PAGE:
Parties trade barbs over Preah Vihear

Surapong denies giving up Preah Vihear fight

BANGKOK - The opposition Democrat Party has accused the Pheu Thai-led government of being subservient to Cambodia in the Preah Vihear Temple dispute.

Democrat spokesman Chavanond Intarakomalyasut on Saturday expressed concern over statements by Foreign Minister Surapong Tovichakchaikul about the case.

Mr Surapong has cautioned people to be prepared for any outcome, including a loss, when the International Court of Justice (ICJ) makes its decision in October.

"If we lose the case, we lose [territory]. Even if we don't lose the case, it goes back to square one. That is, the temple belongs to Cambodia and the area surrounding it remains as it is," Mr Surapong said.

Critics of the government have interpreted Mr Surapong's remarks as a concession of defeat to Cambodia in the decades-old border dispute near the ancient Khmer temple.

Chavanond: Democrats ready with more evidence

"The current administration has allowed Cambodia to unilaterally organise the World Heritage Conference without putting up any protest," said Mr Chavanond, who served as a secretary to Kasit Piromya when the latter was foreign minister in the previous government.

Mr Kasit earlier was a high-profile member of the yellow-shirt People's Alliance for Democracy (PAD). The strongly nationalist PAD believes the Pheu Thai government should not even recognise the jurisdiction of the ICJ in the Preah Vihear case.

The ICJ will hear oral arguments from Thailand and Cambodia from April 15-19 in The Hague. It took up the case at the request of Cambodia, which sought an interpretation of the 1962 ICJ ruling that confirmed the temple was on Cambodian soil.

The Democrat Party maintains that Pheu Thai cannot escape responsibility for the Preah Vihear case. It notes that Noppadon Pattama, the foreign minister in the People Power coalition, a predecessor of Pheu Thai, was the one who signed a joint communique with Cambodia supporting Phnom Penh's request for the listing of the temple as a Unesco World Heritage Site.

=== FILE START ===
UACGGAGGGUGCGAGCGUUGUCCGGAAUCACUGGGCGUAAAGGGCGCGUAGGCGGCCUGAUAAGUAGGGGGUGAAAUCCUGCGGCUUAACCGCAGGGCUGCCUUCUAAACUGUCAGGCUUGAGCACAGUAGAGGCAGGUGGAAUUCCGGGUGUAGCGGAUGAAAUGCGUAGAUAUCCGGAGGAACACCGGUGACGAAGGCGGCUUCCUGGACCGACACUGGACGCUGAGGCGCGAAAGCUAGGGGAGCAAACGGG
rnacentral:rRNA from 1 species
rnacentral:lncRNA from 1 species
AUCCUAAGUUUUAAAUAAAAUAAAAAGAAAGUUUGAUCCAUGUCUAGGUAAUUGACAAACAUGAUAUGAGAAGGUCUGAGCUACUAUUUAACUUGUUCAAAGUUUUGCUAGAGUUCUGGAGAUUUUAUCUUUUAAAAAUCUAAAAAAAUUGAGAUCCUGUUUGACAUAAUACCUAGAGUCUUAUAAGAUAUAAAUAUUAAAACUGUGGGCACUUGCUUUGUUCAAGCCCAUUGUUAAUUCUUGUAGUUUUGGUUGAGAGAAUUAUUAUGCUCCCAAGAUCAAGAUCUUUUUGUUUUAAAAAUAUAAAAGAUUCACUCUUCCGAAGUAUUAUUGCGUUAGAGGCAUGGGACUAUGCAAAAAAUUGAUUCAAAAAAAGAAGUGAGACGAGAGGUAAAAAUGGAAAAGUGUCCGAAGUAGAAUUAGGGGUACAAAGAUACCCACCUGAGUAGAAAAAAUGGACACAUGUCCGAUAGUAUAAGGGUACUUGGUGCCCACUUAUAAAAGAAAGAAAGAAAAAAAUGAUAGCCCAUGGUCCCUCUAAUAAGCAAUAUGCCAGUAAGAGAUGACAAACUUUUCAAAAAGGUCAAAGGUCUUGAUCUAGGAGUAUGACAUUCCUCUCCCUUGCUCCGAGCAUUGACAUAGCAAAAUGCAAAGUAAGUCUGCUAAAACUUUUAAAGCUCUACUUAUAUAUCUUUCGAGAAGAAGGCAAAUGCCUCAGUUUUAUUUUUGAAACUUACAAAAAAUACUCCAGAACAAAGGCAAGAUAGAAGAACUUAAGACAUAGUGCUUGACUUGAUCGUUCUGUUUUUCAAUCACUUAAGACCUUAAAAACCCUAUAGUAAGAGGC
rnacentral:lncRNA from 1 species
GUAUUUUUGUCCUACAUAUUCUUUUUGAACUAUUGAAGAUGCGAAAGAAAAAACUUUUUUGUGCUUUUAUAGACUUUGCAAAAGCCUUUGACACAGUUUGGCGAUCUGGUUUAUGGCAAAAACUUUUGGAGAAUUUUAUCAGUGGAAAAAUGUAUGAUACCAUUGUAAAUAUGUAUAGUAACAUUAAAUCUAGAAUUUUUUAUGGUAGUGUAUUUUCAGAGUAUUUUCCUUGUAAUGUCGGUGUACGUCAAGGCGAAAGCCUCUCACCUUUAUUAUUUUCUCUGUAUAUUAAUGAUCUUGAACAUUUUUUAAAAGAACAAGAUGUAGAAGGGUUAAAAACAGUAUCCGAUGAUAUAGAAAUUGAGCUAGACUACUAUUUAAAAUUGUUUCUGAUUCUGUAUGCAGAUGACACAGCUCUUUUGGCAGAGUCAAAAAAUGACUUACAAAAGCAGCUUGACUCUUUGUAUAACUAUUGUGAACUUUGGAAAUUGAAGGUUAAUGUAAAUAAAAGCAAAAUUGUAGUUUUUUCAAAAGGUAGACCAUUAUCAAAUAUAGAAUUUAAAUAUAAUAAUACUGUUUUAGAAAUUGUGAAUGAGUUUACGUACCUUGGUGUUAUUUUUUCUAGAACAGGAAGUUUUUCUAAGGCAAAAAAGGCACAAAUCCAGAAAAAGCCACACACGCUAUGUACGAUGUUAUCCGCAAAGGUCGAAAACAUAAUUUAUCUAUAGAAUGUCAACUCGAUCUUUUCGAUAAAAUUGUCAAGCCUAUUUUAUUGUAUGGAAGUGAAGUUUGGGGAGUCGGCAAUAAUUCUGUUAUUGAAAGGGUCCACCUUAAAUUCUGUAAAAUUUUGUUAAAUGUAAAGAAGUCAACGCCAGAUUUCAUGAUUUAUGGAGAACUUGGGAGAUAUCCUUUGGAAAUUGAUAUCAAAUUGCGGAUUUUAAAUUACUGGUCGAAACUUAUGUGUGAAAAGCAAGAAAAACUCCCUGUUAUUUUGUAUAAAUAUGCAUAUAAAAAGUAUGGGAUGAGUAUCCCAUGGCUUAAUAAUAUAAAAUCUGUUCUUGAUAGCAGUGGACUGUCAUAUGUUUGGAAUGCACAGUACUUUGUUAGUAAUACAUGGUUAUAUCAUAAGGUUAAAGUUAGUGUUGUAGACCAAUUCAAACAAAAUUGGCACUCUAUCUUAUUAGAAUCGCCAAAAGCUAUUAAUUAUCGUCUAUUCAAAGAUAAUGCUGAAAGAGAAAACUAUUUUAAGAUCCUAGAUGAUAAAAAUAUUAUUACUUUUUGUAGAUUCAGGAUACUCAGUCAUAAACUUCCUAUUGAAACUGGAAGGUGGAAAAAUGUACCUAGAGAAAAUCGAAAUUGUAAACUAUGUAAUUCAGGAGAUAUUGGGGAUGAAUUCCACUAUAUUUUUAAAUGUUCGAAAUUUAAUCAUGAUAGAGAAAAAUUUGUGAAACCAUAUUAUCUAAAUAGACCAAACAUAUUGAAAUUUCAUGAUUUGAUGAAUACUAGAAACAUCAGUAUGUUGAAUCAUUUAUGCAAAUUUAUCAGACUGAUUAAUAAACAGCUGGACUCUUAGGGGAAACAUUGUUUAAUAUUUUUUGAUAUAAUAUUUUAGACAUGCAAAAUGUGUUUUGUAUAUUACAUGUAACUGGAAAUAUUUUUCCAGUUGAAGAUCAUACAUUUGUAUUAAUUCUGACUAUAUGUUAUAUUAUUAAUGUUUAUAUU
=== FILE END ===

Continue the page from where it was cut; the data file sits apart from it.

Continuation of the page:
Mr Noppadon, now a legal adviser to former premier Thaksin Shinawatra, claims he had nothing to do with the joint communique. But Mr Chavanond says Mr Noppadon cannot escape his responsibility for encouraging Cambodia to register the temple with Unesco.

Border tensions between Thailand and Cambodia reached a peak, with military and civilian deaths, when the Democrats were in power. Relations have improved markedly since Pheu Thai took office. Thaksin and Cambodian strongman Hun Sen are very close friends.

Former prime minister Thaksin Shinawatra (left) hugs Cambodian premier Hun Sen on Nov 11, 2009 in Cambodia. (Reuters photo)

Mr Chavanond has threatened to expose evidence to back his party's claims at a later time and reaffirmed that the opposition did not distort the truth.

He reiterated that the government had intentionally allowed Cambodia to gain upper hand in the legal dispute. 

However, Pheu Thai deputy spokesman Jirayu Huangsap denied that his party had any conflict of interest over the border dispute. He also pointed to the Democrats as the root cause of the problem.

Mr Jirayu said his party's leaders had no vested interests, adding that there was no way to know how the ICJ might rule on the disputed territory covering 4.6 square kilometres.

Mr Jirayu also urged all sides not to overstate the issue as it could be damaging. Instead, he said that the government would continue to make Thailand's case through the proper through legal and diplomatic means.